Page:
Politics, Policy & Law
ARPA-H, Biden’s DARPA for health, raises hopes, skepticism
Biggest controversy over ARPA-H is whether it should be part of NIH
The biggest controversy over ARPA-H is whether it should be part of NIH.
A proposed new government body, the Advanced Research Projects Agency – Health, will make it possible to “end cancer as we know it” and hasten the demise of Alzheimer’s, diabetes and other diseases, President Joe Biden told the American people at his first address to a joint session of Congress last month.
ARPA-H is, according to supporters, an antidote to the bureaucracy and incrementalism that some patient advocates believe prevents NIH from turning an investment of over $50 billion per year into transformative medicines.
To critics in the scientific community, ARPA-H is a solution in search of a problem, a shiny object that is unlikely to come close to fulfilling the promises Biden has made. While even NIH’s most enthusiastic supporters acknowledge that there is a lot of opportunity to improve the way it operates, they also are concerned that a focus on short-term results could undermine approaches that have made possible advances such as CAR T therapies, vaccines to prevent cervical cancer, and technologies to detect and cure hepatitis C.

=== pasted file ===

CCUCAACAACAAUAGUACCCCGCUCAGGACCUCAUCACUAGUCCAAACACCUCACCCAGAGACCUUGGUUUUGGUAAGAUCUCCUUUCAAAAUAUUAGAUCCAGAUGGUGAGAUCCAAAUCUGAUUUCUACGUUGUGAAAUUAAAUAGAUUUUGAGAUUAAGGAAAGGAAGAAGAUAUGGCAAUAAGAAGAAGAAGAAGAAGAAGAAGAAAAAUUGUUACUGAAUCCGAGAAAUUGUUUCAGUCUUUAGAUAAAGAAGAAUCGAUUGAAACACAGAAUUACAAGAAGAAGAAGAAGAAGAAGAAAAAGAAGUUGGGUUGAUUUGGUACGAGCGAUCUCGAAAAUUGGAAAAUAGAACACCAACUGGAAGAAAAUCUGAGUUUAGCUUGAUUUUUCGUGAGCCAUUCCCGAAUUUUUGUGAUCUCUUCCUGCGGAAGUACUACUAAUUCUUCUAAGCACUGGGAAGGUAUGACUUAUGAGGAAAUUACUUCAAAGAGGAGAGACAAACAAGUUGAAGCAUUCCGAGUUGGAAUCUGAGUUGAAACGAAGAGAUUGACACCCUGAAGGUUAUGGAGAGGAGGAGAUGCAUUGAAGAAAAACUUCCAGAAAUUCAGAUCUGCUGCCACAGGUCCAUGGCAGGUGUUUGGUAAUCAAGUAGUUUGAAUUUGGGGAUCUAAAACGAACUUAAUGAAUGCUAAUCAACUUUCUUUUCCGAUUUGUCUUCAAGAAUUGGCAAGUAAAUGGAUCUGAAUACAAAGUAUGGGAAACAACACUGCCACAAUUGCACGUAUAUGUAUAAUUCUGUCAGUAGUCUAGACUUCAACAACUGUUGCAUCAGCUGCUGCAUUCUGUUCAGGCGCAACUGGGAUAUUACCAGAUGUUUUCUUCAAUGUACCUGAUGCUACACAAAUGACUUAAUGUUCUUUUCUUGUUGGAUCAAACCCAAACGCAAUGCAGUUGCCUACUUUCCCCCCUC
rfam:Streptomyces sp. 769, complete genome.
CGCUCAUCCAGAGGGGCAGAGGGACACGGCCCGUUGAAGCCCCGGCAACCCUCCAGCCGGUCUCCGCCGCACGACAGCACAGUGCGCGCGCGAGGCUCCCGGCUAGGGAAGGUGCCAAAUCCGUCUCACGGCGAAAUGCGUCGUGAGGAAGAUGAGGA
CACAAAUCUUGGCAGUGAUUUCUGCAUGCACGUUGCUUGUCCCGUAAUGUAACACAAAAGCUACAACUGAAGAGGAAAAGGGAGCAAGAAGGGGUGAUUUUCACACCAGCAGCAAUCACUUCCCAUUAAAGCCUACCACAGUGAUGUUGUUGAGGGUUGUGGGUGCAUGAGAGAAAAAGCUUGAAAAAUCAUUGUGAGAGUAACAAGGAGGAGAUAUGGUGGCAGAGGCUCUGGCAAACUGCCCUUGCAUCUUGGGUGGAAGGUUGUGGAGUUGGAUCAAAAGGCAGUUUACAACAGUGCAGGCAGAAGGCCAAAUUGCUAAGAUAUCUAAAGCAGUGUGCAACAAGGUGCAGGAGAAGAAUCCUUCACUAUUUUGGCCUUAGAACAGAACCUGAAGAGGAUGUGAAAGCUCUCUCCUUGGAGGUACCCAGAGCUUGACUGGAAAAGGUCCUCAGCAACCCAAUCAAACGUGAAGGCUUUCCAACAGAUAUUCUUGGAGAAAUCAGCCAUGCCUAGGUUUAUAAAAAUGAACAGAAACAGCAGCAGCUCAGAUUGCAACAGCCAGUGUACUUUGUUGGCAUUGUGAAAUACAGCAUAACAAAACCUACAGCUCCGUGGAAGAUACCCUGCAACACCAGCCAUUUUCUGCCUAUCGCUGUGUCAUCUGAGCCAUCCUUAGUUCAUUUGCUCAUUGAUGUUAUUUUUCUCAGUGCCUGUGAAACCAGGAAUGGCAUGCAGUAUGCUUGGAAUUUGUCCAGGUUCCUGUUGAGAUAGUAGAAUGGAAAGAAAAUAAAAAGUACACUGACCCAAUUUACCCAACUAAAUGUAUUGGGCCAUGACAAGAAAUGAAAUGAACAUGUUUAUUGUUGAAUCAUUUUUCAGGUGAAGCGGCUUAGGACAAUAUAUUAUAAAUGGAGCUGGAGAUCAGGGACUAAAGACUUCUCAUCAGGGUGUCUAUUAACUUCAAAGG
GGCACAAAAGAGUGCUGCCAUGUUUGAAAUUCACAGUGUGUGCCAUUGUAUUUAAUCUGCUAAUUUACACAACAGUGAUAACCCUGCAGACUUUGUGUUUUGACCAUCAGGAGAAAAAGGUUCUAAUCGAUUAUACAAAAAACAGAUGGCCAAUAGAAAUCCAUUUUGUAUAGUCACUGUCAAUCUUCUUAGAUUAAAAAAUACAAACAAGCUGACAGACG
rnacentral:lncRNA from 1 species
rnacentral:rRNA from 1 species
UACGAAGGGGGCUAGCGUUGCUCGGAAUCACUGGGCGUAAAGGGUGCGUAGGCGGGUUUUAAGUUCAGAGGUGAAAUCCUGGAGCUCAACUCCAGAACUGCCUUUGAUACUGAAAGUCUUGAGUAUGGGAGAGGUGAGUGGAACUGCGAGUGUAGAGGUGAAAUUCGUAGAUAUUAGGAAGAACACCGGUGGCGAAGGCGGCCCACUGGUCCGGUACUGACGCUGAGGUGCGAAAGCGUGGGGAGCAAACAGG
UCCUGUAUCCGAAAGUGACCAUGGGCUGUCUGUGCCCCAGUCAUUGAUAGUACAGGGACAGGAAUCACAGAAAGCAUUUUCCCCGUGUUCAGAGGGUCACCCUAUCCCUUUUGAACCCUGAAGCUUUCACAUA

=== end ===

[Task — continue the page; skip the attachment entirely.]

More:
They warn that after the initial enthusiasm fades, funding ARAP-H could cut into NIH’s budget.
Biden says ARPA-H will tackle cancer, Alzheimer’s and diabetes, diseases that aren’t starved for government funding and don’t suffer from a lack of private sector investment. The White House is asking for $6.5 billion spread over three years for ARPA-H, a budget that is equivalent to the R&D spending of a mid-sized pharmaceutical company.
While there is vigorous dispute over the merits of ARPA-H, there is no doubt among its supporters and opponents that it will be created.
ARPA-H is a manifestation of the American public’s confidence in the power of science to improve and extend lives,